• Add a fence or rope guard around the platform using statics
  • Add a static lamp of some kind to the porch to illuminate the exterior door at night
    (hint: look at Bravil lamps) and add a common light bulb to make it glow!



Extra Credit:

  • Make a cozy place for a horse to rest on the platform using statics
  • Add some shrubs near the bridge start from WorldObjects>Tree
  • Add some stonewall statics or farm fence statics along your new path



In Lesson #4 we will be refining the skills you have learned and explore the value of testing and tweaking. Also, I will start introducing Credit Challenges, small modding tasks that are worth big points! So keep up the great work!


When you've finished with this class visit Lesson #4: Refining the Build


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Credit Challenge: The Basement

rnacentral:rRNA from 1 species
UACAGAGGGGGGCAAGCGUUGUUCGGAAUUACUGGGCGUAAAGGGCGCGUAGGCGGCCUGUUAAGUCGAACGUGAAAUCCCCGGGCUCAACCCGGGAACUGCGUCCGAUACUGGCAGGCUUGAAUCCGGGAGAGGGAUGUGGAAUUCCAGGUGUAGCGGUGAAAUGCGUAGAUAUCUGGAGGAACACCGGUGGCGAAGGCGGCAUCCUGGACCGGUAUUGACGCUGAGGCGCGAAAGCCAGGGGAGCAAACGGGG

Value: 20pts


By now you have learned how to add and link doors, create new cells, and clutter them, so for this Credit Challenge you need to add a basement to your tutorial house.


Begin by adding a ChorrolTrapDoor01 to your existing house interior!




Create a new interior cell, with a unique name, ambient lighting, and owned by the player or player faction, just like we did in Lesson #1 with your first interior cell.


Build a small basement in your new cell using the static basement kit pieces that start with 'ungrd'


Clutter your basement using Statics and Containers


To build your basement you will need to use these pieces:



  • SILoadLadder01 x1 (link to ChorrolTrapDoor01 in your Interior)
  • Ungrd1way x1
  • Ungrd2way x1
  • Ungrd2sideddoorway
  • UngrdLway x4
  • Ungrd3way x3
  • Ungrd4way x2
  • Undgrddoorfull01 x1 (is an animated interior door, no linking)
  • WallSconce02Fake x8 (add common orange light objects to each sconce)



:)Smarty Says: Remember when starting your basement to set the first piece to the '0' point. To build your basement you will need to use Snap to Grid, check THIS tutorial by WhoGuru for tips on getting your kits lined up seamlessly!!